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Government announces end to unnecessary PIP reviews for most severe health condi

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Monic1511:
Now don't get too excited as the devil will be in the detail but this has appeared on rightsnet
Government announces end to unnecessary PIP reviews for most severe health conditions


People with severe or progressive conditions will receive ongoing awards with a 'light touch' review every ten years
The government has announced an end to unnecessary reviews of personal independence payment (PIP) for those with the most severe health conditions.
With new guidance to come into effect this summer, the DWP says that people who are awarded the highest level of support under PIP - and who have severe or progressive conditions where their needs are expected to stay the same or increase - will receive an ongoing award of PIP with a 'light touch' review every ten years.
Commenting on the proposed change, Minister for Disabled People, Health and Work Sarah Newton said - We’re absolutely determined to ensure people get the right support that they need to live better, more comfortable lives.
PIP is a needs-based benefit that takes into consideration people’s individual, and sometimes quite complicated circumstances.
We’ve listened to feedback from organisations and the public, and this common-sense change will ensure that the right protections are in place while minimising any unnecessary stress or bureaucracy.'
NB - the government adds that it will work with stakeholders to design the light touch review process so that 'it adds value for both our claimants and the department'.
For more information see Government to end unnecessary PIP reviews for people with most severe health conditions from gov.uk

KizzyKazaer:
Oh, wouldn't this be just wonderful - if the Government's definition of 'most severe'/'progressive' isn't so narrow as to exclude the majority!  The gov.uk site seems to be displaying just a press release at the moment with more to be finalised over the summer, so watch this space...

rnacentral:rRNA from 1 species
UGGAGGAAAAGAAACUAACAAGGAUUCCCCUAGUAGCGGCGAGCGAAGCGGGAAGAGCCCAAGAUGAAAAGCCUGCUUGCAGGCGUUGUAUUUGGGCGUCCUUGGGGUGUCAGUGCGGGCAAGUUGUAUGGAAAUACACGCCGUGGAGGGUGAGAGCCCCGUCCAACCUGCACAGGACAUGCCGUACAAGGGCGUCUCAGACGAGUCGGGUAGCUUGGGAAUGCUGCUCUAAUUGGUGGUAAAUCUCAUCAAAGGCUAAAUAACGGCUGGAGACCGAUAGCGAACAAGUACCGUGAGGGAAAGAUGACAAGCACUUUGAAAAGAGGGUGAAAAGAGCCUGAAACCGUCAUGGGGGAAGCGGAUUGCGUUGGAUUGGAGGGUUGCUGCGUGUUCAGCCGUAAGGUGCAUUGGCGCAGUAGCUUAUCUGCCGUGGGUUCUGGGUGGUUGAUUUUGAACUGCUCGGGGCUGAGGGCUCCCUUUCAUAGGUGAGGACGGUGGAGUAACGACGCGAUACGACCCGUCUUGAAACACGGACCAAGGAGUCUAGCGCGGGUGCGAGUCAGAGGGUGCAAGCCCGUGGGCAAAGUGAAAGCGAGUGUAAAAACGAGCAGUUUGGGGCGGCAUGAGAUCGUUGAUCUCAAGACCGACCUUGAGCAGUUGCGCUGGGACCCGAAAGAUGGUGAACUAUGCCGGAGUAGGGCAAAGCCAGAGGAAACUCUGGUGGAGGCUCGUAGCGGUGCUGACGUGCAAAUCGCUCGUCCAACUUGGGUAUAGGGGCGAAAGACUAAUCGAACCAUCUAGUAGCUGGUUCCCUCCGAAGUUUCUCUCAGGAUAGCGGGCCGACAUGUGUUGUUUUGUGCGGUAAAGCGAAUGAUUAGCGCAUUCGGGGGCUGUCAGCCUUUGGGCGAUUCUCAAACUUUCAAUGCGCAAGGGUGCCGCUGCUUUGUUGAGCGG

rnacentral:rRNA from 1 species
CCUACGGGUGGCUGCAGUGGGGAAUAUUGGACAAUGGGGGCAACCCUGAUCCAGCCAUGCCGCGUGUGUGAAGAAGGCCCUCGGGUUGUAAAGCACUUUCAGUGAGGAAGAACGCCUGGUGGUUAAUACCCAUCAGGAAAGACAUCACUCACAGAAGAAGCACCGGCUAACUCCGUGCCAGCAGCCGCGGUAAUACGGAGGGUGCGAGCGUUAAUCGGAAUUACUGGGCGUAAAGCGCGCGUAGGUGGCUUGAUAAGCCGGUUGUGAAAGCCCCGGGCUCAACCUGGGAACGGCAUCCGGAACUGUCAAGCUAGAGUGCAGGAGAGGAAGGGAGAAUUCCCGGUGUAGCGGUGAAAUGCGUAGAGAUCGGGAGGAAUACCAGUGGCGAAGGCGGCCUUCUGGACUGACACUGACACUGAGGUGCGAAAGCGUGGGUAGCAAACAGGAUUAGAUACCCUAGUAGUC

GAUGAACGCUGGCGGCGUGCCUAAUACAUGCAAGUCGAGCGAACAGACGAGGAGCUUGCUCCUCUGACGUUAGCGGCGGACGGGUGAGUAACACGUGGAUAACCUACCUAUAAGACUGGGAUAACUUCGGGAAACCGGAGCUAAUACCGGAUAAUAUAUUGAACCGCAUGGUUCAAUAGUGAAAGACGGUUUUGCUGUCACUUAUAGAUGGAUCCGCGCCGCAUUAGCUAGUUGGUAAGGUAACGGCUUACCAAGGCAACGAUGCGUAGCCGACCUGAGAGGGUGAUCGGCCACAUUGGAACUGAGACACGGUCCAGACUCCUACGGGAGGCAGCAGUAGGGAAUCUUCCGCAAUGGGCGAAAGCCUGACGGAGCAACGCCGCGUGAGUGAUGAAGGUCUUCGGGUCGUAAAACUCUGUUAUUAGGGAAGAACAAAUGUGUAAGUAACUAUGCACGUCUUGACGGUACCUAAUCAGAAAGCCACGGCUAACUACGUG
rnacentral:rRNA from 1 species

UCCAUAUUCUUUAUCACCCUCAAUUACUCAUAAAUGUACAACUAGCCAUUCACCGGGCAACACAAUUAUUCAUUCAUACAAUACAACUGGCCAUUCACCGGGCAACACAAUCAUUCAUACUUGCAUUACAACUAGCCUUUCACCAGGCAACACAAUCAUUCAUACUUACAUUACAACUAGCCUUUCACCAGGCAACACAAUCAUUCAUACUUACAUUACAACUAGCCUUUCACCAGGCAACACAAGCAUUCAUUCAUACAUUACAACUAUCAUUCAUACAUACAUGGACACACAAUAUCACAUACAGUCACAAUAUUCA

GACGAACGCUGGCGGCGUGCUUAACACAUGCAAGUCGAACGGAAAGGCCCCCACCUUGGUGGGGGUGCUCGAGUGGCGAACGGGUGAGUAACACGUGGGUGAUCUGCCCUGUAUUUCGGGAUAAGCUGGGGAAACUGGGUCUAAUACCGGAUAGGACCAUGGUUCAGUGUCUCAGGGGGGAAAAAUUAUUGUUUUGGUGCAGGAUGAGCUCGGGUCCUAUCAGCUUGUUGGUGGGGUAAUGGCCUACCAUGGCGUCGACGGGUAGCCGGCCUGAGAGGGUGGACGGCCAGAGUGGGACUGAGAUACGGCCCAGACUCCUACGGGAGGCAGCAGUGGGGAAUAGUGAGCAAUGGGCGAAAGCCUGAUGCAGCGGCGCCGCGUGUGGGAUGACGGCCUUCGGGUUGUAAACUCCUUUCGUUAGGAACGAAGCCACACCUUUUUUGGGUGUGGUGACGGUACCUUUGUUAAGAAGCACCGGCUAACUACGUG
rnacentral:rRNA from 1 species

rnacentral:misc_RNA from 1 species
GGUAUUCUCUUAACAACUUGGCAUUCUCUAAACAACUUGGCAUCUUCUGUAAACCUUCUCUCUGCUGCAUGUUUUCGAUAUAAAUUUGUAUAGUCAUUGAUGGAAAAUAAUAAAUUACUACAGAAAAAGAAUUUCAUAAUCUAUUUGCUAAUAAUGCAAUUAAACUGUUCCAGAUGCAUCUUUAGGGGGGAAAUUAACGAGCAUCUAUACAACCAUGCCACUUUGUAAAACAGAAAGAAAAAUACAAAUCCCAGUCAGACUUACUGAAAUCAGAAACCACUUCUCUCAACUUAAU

Fiz:
I told my friend with the brain damaged husband this because their tribunal was 17 months after his DLA to PIP transfer which awarded him nothing which then removed her carers allowance, reduced their housing benefit and basically their 17 month wait was sheer hell leaving them with a mountain of debt. She said her husband now has a ten year award by which time he'll be in his 70's so she's hoping assessments are now a thing of the past. His condition will never improve even a tiny iota. To be put through all that is awful. So I really hope this happens for people like them.

SteveX:

--- Quote from: Fiz on June 24, 2018, 07:15:07 AM ---I told my friend with the brain damaged husband this because their tribunal was 17 months after his DLA to PIP transfer which awarded him nothing which then removed her carers allowance, reduced their housing benefit and basically their 17 month wait was sheer hell leaving them with a mountain of debt. She said her husband now has a ten year award by which time he'll be in his 70's so she's hoping assessments are now a thing of the past. His condition will never improve even a tiny iota. To be put through all that is awful. So I really hope this happens for people like them.

--- End quote ---

Yes, so do I.

neurochick:
Interestingly when I had to apply for PIP last year (I had an indefinite DLA award so was being migrated over) I was awarded the enhanced rate for both care and mobility. My PIP award letter said that my award would not be reviewed for at least 10 years.  I have conditions that aren't expected to improve and I guess that the enhanced rate awards would suggest that my the effects of my disability are pretty severe. Perhaps this new 'policy' is the progression and 'semi-formalisation' of something that has to some extent been going on in practice.  It certainly seems sensible (if it actually happens and subject to how they actually implement it)

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